It is surprising how many interpretations can be given of the word "knowledge." To many people it simply means book-learning, and the holders of that idea quote the well-worn saying, "Knowledge is power." Nothing could be truer than the words, but the saying stops short too soon, for it should read, " Knowledge is the power to gain more knowledge."
To this end the followers of Froebel's teaching tell little, and lead the child to find out for himself as much as possible from the material which is at hand. Like all other faculties, the "power of finding out" grows with exercise, and the child whose mental powers are allowed to expand in a natural manner will be more truly educated than the one who suffers from mental indigestion through being over-fed with other people's knowledge.
Before school age arrives, play can be so arranged as to be the most valuable form of early education. Play is a natural childish instinct. A child thrown on his own resources turns to some form of play, and what was once thought purposeless action or mischief is now recognised as the process of acquiring knowledge on which after-knowledge may be built up. The time thus lost in play is wisely lost. It differs from the lost time of dull, listless children whose minds and hands are vacant and unoccupied. Adults with larger experience on which to reflect can profit by what Wordsworth describes as " a wise passiveness," but children have no such stock of experience on which to meditate, and with them " a mind that's vacant is a mind distressed." Healthy children require occupation, and if it is not provided for them, they will find it for themselves, and that, too, in ways which do not tend to law and order in the nursery.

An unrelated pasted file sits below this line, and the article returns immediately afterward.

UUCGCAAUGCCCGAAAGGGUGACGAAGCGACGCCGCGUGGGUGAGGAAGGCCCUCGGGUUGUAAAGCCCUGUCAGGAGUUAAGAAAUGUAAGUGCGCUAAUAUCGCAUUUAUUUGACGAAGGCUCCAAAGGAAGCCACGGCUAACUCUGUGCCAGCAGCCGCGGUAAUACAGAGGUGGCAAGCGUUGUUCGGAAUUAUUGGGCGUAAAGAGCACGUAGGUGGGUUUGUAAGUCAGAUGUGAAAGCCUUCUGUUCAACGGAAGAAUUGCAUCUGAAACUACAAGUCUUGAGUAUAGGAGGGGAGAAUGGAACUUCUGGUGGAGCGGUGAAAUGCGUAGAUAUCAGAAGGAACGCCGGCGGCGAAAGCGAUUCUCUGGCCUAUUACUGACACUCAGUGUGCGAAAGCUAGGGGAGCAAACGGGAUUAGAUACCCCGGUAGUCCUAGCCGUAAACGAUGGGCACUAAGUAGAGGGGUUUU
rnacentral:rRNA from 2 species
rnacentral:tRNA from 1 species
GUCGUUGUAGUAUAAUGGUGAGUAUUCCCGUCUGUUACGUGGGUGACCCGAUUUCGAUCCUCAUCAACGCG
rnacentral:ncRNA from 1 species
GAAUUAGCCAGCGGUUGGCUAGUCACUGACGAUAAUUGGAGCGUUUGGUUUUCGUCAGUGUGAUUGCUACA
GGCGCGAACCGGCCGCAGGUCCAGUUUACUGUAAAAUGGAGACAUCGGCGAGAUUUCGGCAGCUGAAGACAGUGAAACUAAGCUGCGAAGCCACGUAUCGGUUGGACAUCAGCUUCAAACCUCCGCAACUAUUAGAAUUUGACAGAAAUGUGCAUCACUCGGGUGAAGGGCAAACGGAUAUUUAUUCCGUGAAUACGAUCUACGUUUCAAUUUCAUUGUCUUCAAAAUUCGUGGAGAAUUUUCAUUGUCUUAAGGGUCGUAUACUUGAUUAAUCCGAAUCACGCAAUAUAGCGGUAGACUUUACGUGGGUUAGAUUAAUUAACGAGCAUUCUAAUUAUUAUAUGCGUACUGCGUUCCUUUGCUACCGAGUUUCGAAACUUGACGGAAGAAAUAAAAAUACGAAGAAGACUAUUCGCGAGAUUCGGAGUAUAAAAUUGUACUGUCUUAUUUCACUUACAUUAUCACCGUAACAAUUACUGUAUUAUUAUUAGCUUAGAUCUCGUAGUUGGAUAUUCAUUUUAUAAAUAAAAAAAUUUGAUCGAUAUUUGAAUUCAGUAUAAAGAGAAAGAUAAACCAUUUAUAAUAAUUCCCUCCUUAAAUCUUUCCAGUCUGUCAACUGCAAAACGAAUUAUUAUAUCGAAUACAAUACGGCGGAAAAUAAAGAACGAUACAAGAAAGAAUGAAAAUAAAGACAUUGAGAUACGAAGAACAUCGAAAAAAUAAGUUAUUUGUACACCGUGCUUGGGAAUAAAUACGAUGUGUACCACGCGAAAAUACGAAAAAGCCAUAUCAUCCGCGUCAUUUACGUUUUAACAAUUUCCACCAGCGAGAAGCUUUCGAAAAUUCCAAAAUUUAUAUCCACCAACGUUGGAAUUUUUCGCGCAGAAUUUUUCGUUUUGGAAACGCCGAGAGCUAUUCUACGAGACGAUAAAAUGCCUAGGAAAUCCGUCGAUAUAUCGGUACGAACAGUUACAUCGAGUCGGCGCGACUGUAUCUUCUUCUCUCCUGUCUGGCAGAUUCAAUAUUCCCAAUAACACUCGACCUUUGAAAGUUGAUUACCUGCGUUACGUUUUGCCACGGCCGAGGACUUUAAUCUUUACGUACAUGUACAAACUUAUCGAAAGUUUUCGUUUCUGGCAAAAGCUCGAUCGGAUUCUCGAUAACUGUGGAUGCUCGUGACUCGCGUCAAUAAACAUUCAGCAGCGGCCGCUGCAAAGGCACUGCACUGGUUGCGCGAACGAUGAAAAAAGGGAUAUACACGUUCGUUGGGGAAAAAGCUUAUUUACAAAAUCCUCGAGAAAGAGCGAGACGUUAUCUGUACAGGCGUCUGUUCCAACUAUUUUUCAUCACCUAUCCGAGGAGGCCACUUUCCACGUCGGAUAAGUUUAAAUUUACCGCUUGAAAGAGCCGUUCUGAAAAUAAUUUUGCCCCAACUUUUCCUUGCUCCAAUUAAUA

Froebel's idea was that a child must be educated so as to be in harmony with Nature, his fellow-men, and with God; and to attain the first he attached great importance to gardens for children. In the early kindergartens the children's gardens were a special feature. Each child had his own small plot, and took a share in the cultivation of a common garden in which were grown plants for illustrating class-room lessons. With work in the common garden the social instincts were aroused and the value of co-operation demonstrated; but with the tiny garden plots the little ones had full scope for the development of originality, which is of vital importance in training the young.
A garden has been described by Bacon as "the purest of human pleasures," and children never seem too young to feel its influence. The wee baby that can only crawl finds pleasure in pulling daisies and grass from the lawn and in overcoming the resistance that garden mould offers to his tiny fingers. With older children garden "labour" is more complicated, but one and all find in it the exercise needed by growing muscles, which, being of a pleasurable nature, is of more value than dull, aimless walks or formal drill, and being performed in the open air, is under the most favourable conditions from the health point of view.